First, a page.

Opinion

I know assault weapons – and you shouldn’t have one

Butler
Butler

Family and friends have convinced me it’s time to speak out. All the rhetoric and boasting swirling around social media about gun rights and gun control is so loud and, at times, irresponsible that it’s becoming meaningless.

I am calling on veterans who have served in active combat – lived and almost died depending on the assault weapon strapped to your body – to speak out. We are the people who have true insight on this issue. Without wealth and connections to keep a deferment, I was drafted and in active combat for a year in Vietnam from Nov. 1967 to Nov. 1968. During the Tet offensive in Jan. ’68, some of the worst fighting in the war, I was frequently in first-hand combat along the Mekong River and through the rice paddies in the delta radioing coordinates for artillery firepower.

Assault weapons are just that: for assault. They are not for the general public to play at target practice or use for sport. They are too dangerous. The general public is not trained sufficiently nor mentally strategic enough to understand their raw power. They should be in the hands of only the military and tactical, highly trained law enforcement.

Disagree with me? If you’re a veteran and served in active combat with an assault weapon, I value your opinion – even if it differs from mine. If you’re simply a gun enthusiast who believes it’s your inalienable right to play with assault weapons, I don’t value it because you really don’t understand the consequences – you haven’t witnessed them. If that’s who you are and what you want, join the military and be useful with that.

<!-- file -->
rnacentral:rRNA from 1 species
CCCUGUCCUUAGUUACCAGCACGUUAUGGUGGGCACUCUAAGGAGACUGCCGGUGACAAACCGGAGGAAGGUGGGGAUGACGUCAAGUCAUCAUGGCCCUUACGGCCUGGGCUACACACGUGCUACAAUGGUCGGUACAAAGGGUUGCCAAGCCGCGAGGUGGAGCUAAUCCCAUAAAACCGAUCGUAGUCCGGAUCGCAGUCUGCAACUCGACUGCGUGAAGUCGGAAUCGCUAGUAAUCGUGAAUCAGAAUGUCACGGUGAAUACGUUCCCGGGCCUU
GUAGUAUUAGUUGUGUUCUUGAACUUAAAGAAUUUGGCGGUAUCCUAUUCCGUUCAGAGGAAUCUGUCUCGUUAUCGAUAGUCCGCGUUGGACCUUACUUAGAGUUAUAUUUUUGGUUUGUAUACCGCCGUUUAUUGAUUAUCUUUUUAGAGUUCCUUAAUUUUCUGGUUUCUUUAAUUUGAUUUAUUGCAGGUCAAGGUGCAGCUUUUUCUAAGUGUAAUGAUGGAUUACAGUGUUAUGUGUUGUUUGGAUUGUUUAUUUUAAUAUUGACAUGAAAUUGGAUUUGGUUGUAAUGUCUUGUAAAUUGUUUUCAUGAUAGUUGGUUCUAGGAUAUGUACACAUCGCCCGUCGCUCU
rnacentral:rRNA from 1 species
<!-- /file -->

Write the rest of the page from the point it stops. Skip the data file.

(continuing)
I believe in the Second Amendment. I own a gun. I have a concealed carry permit just in case I need it – not to carry routinely. What’s the old saying ... if you carry around a hammer, you’re always looking for a nail?

I also understand the Second Amendment’s purpose when it was written and the state of weaponry when it was created. It’s called perspective – useful when you’re forming opinions and making decisions.

I call out our N.C. senators in Washington who consistently vote against stricter background checks, reinstating the assault weapons ban, and not preventing people on the terrorist watch list from buying guns. I’m amazed that politicians like Thom Tillis accept immense amounts of NRA donations and think we don’t understand that compromises the way he votes. I may not have gotten a college degree because I was fighting a war, but I’m smart enough to figure that out.

It’s time we expect more from our politicians, and be more responsible ourselves. I’m starting here.

Roger Ayscue, a 24-year veteran of the Army and a manager at Hyatt Guns in Charlotte explains the difference in military assault weapons and the rifles available to the public today.

John S. Butler owns a construction company in Denver, N.C.

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